What is the intuitive reasoning behind a factor of 4 in the Fraunhofer double-slit intensity equation?

For Fraunhofer diffraction, the intensity of a single-slit scenario is described by the following equation:

$I(\theta) = I_{o}\left [\frac{\sin(\frac{\pi a}{\lambda}\sin(\theta))}{\frac{\pi a}{\lambda}\sin(\theta)} \right ]^2$.

where a is the slit-width, $\lambda$ is the wavelength of light from the source, and $I_{o}$ is the intensity of the source. Whereas for a double-slit,

$I(\theta) = 4I_{o}\cos^2(\frac{\pi d}{\lambda}\sin(\theta))\left [\frac{\sin(\frac{\pi a}{\lambda}\sin(\theta))}{\frac{\pi a}{\lambda}\sin(\theta)} \right ]^2$

with d being the slit-separation distance. My question is where does the factor of 4 come from? This seems to imply that the central maximum from the same source of light in the case of a double-slit would have it's central maxima 4 times higher. But from constructive interference I would only expect a factor of 2 from the superposition principle. Is there an intuitive reason behind this?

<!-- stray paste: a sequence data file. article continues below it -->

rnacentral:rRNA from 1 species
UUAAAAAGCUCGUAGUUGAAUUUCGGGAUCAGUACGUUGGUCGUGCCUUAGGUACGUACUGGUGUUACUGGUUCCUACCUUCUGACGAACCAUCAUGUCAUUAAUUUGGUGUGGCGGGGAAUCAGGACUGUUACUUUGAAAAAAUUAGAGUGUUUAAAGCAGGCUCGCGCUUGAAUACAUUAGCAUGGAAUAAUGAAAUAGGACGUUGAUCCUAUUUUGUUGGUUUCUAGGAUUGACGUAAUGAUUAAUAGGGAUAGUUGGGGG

• intensity is amplitude squared. Interference is amplitudes (unless it's the HBT). – JEB Sep 18 '18 at 2:14
• Then why isn't I_o squared? – Hale Bays Sep 18 '18 at 3:11

I think anther way to think about it is through conservation of energy. Units of intensity are $\text{W}/\text{m}^{2} = \text{J}/\text{s}\cdot\text{m}^{2}$, so intensity is the energy per area per second of the light.